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Canada Dollar Drops to Two-Week Low on Fed Stimulus Speculation - (Bloomberg)

Posted by Chris Advincula on Aug 21, 2013 6:39:00 AM
By Ari Altstedter - Aug 20, 2013

The Canadian dollar fell to the lowest in almost two weeks as oil, the nation’s biggest export, slid amid bets the Federal Reserve will slow monetary stimulus that has fueled demand for riskier assets as soon as next month.

The currency sank versus most major counterparts as the central banks of Canada’s commodity-exporting peers, Australia and New Zealand, signaled steps may be taken to weaken their currencies. Canadian retail sales fell in June, data due Aug. 22 is forecast to show, following drops in employment and factory sales. The nation’s 10-year government bonds rose for the first time in seven days, pushing yields down from a two-year high.

“People are just sort of preparing for a tapering world,” said John Curran, a senior vice president at CanadianForex Ltd., an online foreign-exchange dealer, by phone from Toronto. “People are just leaning toward recent data for the Canadian dollar. When push comes to shove, you can be comfortable selling it at the levels it’s at.”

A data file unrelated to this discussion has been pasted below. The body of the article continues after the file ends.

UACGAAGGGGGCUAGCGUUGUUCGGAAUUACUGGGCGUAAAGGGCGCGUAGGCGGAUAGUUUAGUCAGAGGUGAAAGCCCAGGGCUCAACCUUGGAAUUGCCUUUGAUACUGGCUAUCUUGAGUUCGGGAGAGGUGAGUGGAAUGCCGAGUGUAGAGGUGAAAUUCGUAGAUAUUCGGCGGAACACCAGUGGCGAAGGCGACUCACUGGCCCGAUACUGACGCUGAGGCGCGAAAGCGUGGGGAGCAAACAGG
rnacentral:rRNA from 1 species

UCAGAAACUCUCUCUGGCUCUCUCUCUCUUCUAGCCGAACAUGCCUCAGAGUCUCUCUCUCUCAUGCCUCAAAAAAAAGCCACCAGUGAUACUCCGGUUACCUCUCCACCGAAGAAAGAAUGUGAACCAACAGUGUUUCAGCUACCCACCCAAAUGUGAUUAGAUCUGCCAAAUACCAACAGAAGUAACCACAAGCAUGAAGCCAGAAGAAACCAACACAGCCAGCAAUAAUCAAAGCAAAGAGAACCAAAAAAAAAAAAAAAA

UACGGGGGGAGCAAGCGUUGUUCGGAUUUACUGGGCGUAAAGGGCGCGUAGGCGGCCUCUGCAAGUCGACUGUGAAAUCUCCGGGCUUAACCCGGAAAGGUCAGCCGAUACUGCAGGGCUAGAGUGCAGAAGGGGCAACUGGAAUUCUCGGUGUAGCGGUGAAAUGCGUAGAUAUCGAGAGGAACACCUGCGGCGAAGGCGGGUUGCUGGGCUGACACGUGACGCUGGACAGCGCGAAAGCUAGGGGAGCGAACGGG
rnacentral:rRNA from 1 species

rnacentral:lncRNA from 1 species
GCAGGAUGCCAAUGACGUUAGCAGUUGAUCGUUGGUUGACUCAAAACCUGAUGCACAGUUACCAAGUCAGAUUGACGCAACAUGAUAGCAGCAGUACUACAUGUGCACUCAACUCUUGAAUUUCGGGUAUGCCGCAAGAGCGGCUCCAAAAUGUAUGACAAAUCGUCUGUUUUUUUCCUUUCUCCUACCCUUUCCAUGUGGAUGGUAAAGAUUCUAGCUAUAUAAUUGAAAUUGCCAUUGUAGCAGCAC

The loonie, as Canada’s currency is nicknamed for the image of the aquatic bird on the C$1 coin, depreciated for a third day, losing 0.5 percent to C$1.0392 per U.S. dollar at 5 p.m. in Toronto. It touched C$1.0401, the weakest level since Aug. 8. One Canadian dollar buys 96.23 U.S. cents.

Canada’s currency closed weaker than its 50-day moving average for the first time since Aug. 7, a signal to some traders that there’s momentum for further losses. It will depreciate to C$1.05 by year-end, according to a Bloomberg survey of 62 economists and analysts

Bonds Climb

Benchmark 10-year government bonds gained for the first day since Aug. 9, pushing yields down six basis points, or 0.06 percentage point, to 2.68 percent. The yields touched 2.76 percent yesterday, the highest level since July 2011. The price of the 1.5 percent securities maturing in June 2023 increased 51 cents to C$89.93.

Futures on crude oil dropped as much as 2.4 percent, the biggest decline in two months, to $104.50 before paring losses to trade at $104.96.

Options traders became more bearish on the Canadian dollar. The three-month so-called 25-delta risk reversal rate, which measures the premium charged for the right to buy the U.S. dollar against the loonie versus contracts to sell, rose to 1.58 percent, the highest a closing basis since July 8. The 2013 average is 1.24. 

 

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